Gulag Orkestar plays like a musical daguerreotype, old-fashioned but modern, grainy and rough. Straight Gypsy tunes follow bouncy synth-pop. “Bratislava” is a bustling ghetto of a song; the next track, “The Bunker,” is a sweet chanson set against ukulele and folk drum. He recorded the album in four months and posted a few songs to MySpace; Jeremy Barnes, the ex-drummer of Neutral Milk Hotel, turned on Ben Goldberg, founder of Ba Da Bing! Records in Brooklyn, to one of them; and the young New Mexican soon relocated.
“If things go down that are truly horrible, I’ll change the name. But not now. Beirut is still a good analogy for my music.”
He likes Brooklyn—it’s “as close as we are going to get to Europe in America.” But he’s deeply “wary of the whole New York indie-rock scene. It all seems like style over substance. Gogol Bordello is a Balkan punk beat-box band—I don’t want to be a part of that. Half of what makes that band work is the fact that the singer dresses crazy.”
Condon is working on a new EP, and this record may reflect his newest world-music obsession, fado. (“I speak a little Portuguese. It was the only class I liked in college. Well, before I quit.”) But no matter what its influences, Beirut has to sound old, and soulful, and somehow off. “I like it brash and drunken and full of feeling. When our new trumpet player came in, he sounded very regal and was perfectly alliterating all the notes. I remember saying, No, you have to slop it up!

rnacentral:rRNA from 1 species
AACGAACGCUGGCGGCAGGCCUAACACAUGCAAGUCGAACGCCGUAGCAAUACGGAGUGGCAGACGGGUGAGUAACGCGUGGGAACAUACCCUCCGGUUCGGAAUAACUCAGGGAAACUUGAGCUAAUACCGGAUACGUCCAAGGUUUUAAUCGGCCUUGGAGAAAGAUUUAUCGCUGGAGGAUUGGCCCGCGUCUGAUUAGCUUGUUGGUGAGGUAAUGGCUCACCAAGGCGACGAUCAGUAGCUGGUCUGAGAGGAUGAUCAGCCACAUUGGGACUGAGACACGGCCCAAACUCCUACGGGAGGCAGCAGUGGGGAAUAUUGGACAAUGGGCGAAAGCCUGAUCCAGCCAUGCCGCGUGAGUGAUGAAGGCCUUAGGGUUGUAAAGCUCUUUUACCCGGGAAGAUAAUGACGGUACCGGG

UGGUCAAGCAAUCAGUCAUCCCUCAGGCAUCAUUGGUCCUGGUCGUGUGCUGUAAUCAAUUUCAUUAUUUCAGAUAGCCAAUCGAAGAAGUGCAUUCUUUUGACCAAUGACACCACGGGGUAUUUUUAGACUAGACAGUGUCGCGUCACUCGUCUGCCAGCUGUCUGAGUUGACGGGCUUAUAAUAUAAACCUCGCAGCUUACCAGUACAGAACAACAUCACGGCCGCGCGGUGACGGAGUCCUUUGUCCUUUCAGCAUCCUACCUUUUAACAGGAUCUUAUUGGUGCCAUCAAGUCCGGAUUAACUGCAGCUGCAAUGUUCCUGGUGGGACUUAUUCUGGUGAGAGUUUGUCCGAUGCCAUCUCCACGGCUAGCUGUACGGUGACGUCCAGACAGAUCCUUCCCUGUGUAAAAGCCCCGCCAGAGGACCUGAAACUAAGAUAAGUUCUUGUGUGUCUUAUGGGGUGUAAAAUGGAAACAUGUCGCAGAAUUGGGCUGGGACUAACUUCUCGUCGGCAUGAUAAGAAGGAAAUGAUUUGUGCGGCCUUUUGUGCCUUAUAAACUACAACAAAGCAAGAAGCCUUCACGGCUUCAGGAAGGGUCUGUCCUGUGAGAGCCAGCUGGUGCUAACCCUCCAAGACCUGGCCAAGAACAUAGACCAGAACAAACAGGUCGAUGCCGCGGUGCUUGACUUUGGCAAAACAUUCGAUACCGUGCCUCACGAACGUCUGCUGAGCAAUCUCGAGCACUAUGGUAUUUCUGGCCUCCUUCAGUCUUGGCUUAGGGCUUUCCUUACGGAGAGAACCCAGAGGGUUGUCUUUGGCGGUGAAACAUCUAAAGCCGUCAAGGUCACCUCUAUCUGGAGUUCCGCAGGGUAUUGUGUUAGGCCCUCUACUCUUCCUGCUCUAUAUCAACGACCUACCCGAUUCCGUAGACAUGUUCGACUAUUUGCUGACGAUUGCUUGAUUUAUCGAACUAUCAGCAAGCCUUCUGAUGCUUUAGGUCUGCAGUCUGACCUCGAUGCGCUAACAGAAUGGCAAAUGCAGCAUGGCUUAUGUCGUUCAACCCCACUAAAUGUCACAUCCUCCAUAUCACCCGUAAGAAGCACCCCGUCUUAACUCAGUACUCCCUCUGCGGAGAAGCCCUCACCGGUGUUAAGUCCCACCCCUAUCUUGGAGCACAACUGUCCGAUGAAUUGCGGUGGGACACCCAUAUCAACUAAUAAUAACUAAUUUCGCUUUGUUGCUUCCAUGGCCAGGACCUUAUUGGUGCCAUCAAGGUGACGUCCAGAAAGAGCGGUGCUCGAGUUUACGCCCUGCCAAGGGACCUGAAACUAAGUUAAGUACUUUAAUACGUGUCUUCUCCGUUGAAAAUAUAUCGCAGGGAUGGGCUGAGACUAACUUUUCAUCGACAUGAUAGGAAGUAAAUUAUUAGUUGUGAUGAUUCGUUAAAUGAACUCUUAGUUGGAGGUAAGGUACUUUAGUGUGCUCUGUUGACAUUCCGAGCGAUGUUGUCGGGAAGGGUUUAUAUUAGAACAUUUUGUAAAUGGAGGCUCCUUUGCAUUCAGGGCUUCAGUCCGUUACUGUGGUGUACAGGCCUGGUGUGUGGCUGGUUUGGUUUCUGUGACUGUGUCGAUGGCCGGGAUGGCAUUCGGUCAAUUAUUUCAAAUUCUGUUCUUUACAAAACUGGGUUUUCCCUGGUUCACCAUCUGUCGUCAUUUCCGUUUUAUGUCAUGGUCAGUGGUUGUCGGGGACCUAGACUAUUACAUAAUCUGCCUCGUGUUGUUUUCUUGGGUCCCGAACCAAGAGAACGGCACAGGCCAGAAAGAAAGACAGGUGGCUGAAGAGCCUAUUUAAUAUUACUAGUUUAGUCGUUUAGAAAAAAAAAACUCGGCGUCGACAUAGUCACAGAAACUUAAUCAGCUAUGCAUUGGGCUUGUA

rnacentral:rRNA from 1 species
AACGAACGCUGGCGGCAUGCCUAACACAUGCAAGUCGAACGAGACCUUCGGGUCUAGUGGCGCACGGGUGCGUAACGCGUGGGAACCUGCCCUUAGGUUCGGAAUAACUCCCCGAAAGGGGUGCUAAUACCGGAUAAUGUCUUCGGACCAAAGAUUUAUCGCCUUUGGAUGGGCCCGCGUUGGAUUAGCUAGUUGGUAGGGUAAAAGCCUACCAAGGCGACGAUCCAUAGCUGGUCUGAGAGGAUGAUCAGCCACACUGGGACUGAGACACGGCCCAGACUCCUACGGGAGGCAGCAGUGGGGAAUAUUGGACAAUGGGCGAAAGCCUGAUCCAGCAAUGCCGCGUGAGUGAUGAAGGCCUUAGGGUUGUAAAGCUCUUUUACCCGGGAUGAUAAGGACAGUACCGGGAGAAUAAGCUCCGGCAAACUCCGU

“There are three ways I see music used in the modern world,” Condon says. “One is for thinkers: They approach it analytically. Then there are people who use music to get a raw attitude out. And then there are people who are simply looking for beauty, for the sentimentality that good music has.”
Late last month, Beirut opened for the Swedish sensation (you’ll have to trust us on this) Jens Lekman at the Bowery Ballroom. Something had changed in Condon. The show was rowdy but controlled. He’d stopped reading the blogs—though he still seemed to know what they’d been saying about him. “Here’s a song that you all have been asking us to play,” he said, grinning, before he launched into “Scenic World,” an electronic bedroom-pop song. “It might have taken us a while, but you know, we figured it out.” The crowd laughed.
This Sunday, Beirut plays McCarren pool, and soon, perhaps, Europe. “My nerves have finally subsided,” Condon says. “Everyone can believe in you, but I really had to grow into the music, and into myself. And I feel comfortable enough now that I bounce around onstage like a 5-year-old. It’s impossible for me to play these songs and not feel joy.”